as against Dr. Muir's the numbers were 197 to - Fire in Bucklersbury, near the Mansion

161; and as against Dr. Cook's, 204 to 155.

Dr. Chalmers's motion was therefore declared House, destroying the premises occupied by

to be carried by a majority of 49. Mr. Baker, stationer, and causing the death of two of his children and two domestics.

24.-Capt. Elliott and the British merchants - Died at Florence, Caroline Murat, sister

leave Canton. of Napoleon I, and ex-Queen of Naples.

85.-Great Chartist demonstration on Kersal

Moor, near Manchester. Feargus O'Connor 20.-At the Dublin meeting to address the said he came there because the magistrates Queen on the stand she had made against the

and the Queen pronounced the meeting illegal Tories, Mr. Henry Grattan declared that if they and unconstitutional. “I have good authority had succeeded her Majesty's life would not

for asserting,” he said, "that all the Hanoverian have been safe. “I tell you more, that if her

clubs in London are at work to know how they Majesty was once fairly placed in the hands of

can dispose of our young Queen, and place the Tories I would not give an orange-peel for

the bloody Cumberland on her throne in her her life. If some of the low miscreants of the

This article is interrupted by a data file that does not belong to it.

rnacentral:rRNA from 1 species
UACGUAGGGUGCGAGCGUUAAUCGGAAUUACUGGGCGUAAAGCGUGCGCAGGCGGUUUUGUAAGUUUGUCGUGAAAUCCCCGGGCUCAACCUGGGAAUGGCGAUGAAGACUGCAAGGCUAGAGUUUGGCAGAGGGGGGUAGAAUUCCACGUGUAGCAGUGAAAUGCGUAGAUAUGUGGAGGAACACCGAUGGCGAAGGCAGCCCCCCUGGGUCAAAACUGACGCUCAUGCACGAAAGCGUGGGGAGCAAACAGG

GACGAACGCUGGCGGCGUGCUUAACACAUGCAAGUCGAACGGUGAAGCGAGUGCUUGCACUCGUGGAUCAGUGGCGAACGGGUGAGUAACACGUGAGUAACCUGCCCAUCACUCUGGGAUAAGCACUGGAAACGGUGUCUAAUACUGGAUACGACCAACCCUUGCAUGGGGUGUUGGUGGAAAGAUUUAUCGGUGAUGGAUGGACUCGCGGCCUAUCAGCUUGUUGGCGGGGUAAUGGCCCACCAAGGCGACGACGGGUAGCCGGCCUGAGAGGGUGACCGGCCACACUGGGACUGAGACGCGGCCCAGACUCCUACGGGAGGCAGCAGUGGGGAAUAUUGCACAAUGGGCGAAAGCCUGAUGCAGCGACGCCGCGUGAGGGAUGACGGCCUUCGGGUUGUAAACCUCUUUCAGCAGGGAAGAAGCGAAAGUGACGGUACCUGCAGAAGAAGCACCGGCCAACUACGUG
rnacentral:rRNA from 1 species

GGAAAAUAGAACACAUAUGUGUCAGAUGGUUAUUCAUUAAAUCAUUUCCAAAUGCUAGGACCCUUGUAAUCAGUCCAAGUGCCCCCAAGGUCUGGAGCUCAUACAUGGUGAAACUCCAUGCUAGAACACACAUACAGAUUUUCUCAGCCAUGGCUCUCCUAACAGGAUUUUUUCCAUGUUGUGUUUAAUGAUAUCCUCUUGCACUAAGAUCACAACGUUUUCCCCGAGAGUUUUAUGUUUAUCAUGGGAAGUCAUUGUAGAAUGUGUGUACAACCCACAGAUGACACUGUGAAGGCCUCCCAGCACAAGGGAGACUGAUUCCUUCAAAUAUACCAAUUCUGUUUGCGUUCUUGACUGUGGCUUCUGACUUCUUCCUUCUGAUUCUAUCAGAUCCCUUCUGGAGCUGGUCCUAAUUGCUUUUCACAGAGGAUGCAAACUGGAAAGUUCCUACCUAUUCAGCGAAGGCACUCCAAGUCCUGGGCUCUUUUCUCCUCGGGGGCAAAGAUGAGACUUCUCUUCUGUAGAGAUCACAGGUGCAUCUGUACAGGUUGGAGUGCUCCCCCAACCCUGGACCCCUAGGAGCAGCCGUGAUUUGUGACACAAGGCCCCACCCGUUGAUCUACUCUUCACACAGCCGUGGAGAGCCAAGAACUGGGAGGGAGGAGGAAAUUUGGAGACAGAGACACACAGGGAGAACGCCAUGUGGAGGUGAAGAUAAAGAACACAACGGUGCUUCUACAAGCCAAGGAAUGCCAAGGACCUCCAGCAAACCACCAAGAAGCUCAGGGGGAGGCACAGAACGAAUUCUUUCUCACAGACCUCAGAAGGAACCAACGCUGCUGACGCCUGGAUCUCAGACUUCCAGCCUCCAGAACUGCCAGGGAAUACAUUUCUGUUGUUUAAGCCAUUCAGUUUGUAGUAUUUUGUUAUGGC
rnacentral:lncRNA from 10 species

stead.” Other violent speeches were delivered party got round her Majesty, and had the mix by Rushton of Manchester, Fletcher of Bury, ing of the Royal bowl at night, I fear she

and others. would have a long sleep."-O'Connell was ready with even more than his usual flattery.

27.-Mr. Charles Shaw Lefevre elected "When I entered the Reform Club,” he said,

Speaker of the House of Commons, by a "a friend seized me by both hands, exclaiming,

majority over Mr. Goulburn of 18 in a House *She has done it! England has triumphed,

of 620. In this division there were 8 pairs, and Ireland is saved.' May the great God of

1 Liberals and 9 Tories absent, and two heaven bless her who did it !- that creature of

vacancies—Ludlow and Carlow. only nineteen-lovely as she is young, and pure 30.-In retaliation to some extent for the as she is exalted. She was something which attempts of Government to control the liberties might be dreamed of in chivalry or fairyland. of the City, the Court of Common Council,

There she was, in the power of the weakness by a majority of 46, decline to forward any of her sex, ... But it was not her head that address on the subject of the recent Ministerial she consulted; it was from the overflowing | crisis.

30.-Mr. T. B. Macaulay addresses the the Queen. He was seized by a sentry, and electors of Edinburgh with the view of suc afterwards sent to Bridewell. ceeding Mr. Abercromby in the representation of the city. He was elected without opposi

13.--Duel at Wimbledon between Lord

Londonderryand Mr. H. Grattan, M.P., arising tion on the 4th of June.

out of statements made by the latter at Dublin 31.--In the Court of Queen's Bench, Lord

(see May 20), which Lord Londonderry had Denman gave judgment in the case of Stock